Apparently the user interface works by a sort of magic whose secrets are revealed only to magicians. Part of that magic may have something to do with the hyphen in “drop-down,” so it’s probably best not to meddle. On the other hand, Merriam-Webster lists “drop-down” and “dropdown” as equal variants for the noun form (the adjective form is always hyphenated), so maybe there’s hope for you. Just don’t tell Microsoft: according to the Microsoft guide, the noun form is verboten.
Q. In a book compiling chapters written by multiple authors, if I want to cite a chapter written by one or more authors who are also editors of the whole book, do I have to repeat their names?
A. Yes, you should repeat their names. For example, the following bibliography entry will make it clear that Gordon H. Chang is both the sole author of the chapter and one of the editors of the book.
Chang, Gordon H. “Chinese Railroad Workers and the US Transcontinental Railroad in Global Perspective.” In The Chinese and the Iron Road: Building the Transcontinental Railroad, edited by Gordon H. Chang and Shelley Fisher Fishkin, with Hilton Obenzinger and Roland Hsu, 27–41. Stanford, CA: Stanford University Press, 2019.
You might avoid repetition by using only the surname on second mention of a contributor (“edited by Chang and Shelley Fisher Fishkin”), but only if space is an issue. The additional contributors Obenzinger and Hsu appear on the title page; listing them is optional (see CMOS 14.105).
Q. Does Chicago prefer “COVID-19” or “Covid-19”?
Q. I saw someone sharing a post recently stating that you now support two spaces after a period, falling in line with AP style. Is this correct?
A. Don’t believe everything you read. Neither Chicago nor AP nor any other style that we know of—including APA, as of the seventh edition of its style manual, published in late 2019—recommends more than one space after a period. See our post on this subject and its long history at CMOS Shop Talk.
Q. What is the correct capitalization of “Zoom” and its derivatives when it refers to the essential meeting software that we are all using during the coronavirus pandemic? I’m certain that it is capitalized as a noun—e.g., “I have a Zoom conference at 3:00 p.m.” What about when it’s used as a verb—e.g., “People are zooming/Zooming into online classes all day long.” Thank you!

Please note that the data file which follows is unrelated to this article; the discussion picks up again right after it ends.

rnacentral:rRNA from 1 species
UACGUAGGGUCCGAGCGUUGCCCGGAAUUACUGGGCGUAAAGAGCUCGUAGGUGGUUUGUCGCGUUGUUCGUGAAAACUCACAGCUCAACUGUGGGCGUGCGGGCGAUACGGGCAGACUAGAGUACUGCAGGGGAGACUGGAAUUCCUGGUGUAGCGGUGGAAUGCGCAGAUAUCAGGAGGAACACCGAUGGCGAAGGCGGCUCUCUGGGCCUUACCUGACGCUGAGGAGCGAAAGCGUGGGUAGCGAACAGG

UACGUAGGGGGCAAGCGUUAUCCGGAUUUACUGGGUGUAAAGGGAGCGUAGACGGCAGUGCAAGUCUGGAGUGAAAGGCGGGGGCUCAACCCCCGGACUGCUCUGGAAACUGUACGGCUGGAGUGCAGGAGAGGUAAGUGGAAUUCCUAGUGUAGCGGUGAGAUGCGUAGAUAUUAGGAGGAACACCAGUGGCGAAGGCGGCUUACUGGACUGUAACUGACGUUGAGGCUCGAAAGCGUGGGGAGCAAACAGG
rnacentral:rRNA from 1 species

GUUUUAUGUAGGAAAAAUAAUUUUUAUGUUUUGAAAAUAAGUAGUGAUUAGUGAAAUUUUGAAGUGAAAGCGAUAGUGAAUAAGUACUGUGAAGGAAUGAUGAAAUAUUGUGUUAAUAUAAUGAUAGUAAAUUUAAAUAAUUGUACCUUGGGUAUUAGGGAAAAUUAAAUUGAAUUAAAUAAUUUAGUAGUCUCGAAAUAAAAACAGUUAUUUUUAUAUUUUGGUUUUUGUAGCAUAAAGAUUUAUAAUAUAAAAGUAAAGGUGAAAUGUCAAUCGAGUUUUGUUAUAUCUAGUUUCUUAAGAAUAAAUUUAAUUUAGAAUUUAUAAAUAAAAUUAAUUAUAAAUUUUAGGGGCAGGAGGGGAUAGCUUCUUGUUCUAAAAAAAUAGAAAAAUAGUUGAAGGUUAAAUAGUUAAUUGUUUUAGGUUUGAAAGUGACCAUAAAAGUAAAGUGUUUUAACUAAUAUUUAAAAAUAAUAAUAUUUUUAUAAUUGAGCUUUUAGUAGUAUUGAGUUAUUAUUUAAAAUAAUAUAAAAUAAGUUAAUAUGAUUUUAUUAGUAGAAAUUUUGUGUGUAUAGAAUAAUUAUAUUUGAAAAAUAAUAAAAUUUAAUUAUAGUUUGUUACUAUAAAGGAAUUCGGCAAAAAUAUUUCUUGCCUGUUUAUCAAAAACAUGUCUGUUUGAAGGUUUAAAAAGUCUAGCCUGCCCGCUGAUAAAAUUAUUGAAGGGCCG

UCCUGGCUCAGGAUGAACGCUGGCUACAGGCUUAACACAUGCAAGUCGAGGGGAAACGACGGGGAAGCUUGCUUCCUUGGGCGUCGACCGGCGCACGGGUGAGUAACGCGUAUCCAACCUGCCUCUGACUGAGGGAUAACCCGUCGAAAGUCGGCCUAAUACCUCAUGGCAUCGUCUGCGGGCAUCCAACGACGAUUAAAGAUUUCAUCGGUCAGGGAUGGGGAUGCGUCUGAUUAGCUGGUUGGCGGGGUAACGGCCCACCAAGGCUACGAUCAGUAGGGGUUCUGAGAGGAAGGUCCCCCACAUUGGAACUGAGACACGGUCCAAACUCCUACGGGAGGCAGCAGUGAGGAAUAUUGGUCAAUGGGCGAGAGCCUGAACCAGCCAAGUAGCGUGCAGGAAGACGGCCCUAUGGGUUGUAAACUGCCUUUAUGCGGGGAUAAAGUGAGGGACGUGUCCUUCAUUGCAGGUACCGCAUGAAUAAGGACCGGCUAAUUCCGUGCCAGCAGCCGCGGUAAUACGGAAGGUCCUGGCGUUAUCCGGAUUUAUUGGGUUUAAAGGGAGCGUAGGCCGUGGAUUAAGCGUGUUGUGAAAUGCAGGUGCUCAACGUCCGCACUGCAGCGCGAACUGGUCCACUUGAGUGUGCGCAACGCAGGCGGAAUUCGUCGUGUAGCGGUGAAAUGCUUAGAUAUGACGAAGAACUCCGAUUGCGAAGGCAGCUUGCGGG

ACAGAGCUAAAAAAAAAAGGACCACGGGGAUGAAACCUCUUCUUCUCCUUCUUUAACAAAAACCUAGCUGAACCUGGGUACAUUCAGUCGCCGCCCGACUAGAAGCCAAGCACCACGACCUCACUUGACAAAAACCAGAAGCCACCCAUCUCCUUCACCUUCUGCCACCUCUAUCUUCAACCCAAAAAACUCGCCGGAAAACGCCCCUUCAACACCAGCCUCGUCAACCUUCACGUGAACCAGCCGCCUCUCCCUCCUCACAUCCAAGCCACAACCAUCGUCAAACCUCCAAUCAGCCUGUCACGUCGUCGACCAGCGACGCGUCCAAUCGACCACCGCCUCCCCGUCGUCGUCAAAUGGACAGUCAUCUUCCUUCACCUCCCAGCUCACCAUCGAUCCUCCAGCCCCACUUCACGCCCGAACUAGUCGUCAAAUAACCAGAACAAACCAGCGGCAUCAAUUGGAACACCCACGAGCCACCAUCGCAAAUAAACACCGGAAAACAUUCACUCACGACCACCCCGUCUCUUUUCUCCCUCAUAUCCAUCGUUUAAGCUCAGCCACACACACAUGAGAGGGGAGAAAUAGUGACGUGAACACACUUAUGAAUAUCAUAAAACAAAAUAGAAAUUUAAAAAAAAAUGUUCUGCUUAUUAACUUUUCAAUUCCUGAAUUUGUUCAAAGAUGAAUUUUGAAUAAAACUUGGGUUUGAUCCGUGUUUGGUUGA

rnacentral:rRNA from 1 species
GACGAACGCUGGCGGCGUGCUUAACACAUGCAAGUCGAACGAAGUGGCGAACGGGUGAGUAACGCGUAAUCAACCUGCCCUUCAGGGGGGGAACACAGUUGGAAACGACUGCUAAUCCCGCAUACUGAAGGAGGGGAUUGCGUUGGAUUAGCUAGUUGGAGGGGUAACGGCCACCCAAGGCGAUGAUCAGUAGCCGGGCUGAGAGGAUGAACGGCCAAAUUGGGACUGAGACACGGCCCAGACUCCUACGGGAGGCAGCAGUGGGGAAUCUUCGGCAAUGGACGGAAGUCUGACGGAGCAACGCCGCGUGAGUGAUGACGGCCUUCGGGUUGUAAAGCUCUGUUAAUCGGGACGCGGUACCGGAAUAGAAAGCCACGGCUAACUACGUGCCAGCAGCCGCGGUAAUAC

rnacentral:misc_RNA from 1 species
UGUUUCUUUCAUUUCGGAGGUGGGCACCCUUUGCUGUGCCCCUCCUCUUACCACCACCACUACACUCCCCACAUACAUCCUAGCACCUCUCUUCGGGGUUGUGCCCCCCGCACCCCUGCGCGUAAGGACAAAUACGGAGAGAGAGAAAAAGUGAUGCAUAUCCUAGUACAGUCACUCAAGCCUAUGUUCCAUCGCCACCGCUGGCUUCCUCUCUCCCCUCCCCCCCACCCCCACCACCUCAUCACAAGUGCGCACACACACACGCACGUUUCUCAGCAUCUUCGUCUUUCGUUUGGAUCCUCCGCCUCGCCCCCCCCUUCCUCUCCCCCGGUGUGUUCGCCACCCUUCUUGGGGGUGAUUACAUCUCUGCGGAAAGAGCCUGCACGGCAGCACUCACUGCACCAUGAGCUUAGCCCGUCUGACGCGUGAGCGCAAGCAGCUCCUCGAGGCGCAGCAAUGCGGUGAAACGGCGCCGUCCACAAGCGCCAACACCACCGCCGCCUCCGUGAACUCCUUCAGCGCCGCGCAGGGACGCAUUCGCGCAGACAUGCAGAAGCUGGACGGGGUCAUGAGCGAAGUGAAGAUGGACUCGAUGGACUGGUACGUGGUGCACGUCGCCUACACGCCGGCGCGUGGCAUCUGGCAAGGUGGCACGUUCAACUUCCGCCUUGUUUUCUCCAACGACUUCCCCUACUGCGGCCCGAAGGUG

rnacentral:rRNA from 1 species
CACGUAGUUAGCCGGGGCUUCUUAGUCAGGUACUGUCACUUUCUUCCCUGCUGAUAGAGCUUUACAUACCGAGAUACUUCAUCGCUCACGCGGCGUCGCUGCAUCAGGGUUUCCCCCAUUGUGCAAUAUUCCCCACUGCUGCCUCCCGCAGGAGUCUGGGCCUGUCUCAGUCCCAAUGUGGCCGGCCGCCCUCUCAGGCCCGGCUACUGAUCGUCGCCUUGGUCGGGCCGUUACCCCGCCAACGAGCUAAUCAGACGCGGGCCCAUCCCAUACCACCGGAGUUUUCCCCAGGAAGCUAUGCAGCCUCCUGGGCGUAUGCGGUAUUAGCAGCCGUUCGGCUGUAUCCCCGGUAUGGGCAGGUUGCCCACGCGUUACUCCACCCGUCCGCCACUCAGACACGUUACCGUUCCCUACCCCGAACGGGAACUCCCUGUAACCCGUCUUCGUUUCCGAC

A. Zoom is a brand name, so you’re right, it gets a capital Z in both noun and attributive forms. (An attributive noun functions like an adjective, as in your “Zoom conference” example.) Capitalization is also appropriate for brand names that have become synonymous with a category, like Band-Aid, Coke, Hula-Hoop, Jet Ski, Xerox, and Zamboni. Those terms are all listed in Merriam-Webster as capitalized trademarks. And though it may seem normal to refer to a hula-hoop or a jet ski in casual prose or creative writing, it’s never wrong to capitalize a brand name.
Verbs are a different story. Some brands immediately enter the lexicon as verbs, and verbs like to be lowercase. Merriam-Webster’s entry for Google, which is limited to the verb form, lists lowercase and capitalized versions as equal variants: “google or Google,” “googled or Googled,” “googling or Googling,” and “googles or Googles.” Ditto Auto-Tune (“auto-tune or Auto-Tune,” etc.). The somewhat older verb “xerox” doesn’t even get a capitalized variant.
But unlike “xerox” or “google” or “auto-tune,” “zoom” has a day job as an ordinary verb. Even if it does enter the dictionary in its trademarked sense, it may be a good idea to retain the capital letter for the sake of clarity. For now at least, prefer “Zooming” over “zooming.”
Q. Can Chicago please provide clarification on hyphenation when “high school” is used as an adjective? For instance, do you prefer “middle and high school students” or “middle- and high-school students”? Why? One never sees “high-school curriculum” or “high-school classroom” in educational writing, but I don’t fully understand how the rules are applied toward permanent compounds used as adjectives in CMOS. Thank you!
A. It wouldn’t be incorrect to write “middle- and high-school students.” But both “middle school” and “high school” are listed in Merriam-Webster as unhyphenated noun phrases; when they are used attributively, they can remain unhyphenated.
In general, any compound that’s rarely hyphenated in real life can remain unhyphenated as a phrasal adjective if the meaning remains clear without the hyphen. This goes double for any compound that’s listed in a dictionary without the hyphen. So write “middle and high school students.”
On the other hand, if a compound is listed in the dictionary as a hyphenated phrasal adjective, Chicago style gives you permission to drop the hyphen in most cases when the compound follows the noun that it modifies (see CMOS 7.85). For example, a high-strung high school student would be, according to Chicago style, high strung (contra Merriam-Webster).
For specific examples and common exceptions, consult our hyphenation table at CMOS 7.89. If you’re still in doubt, hyphenate before the noun but not after.
Q. Elsewhere in the Q&A you wrote, “The day I was introduced to the The was the day I learned that irony was finished.” This is just wrong and makes no sense whatsoever. To call The The “the The” is absolutely wrong. Further, The Who should be “The Who.” It’s a proper name, and “the Who” is just wrong. Fix this.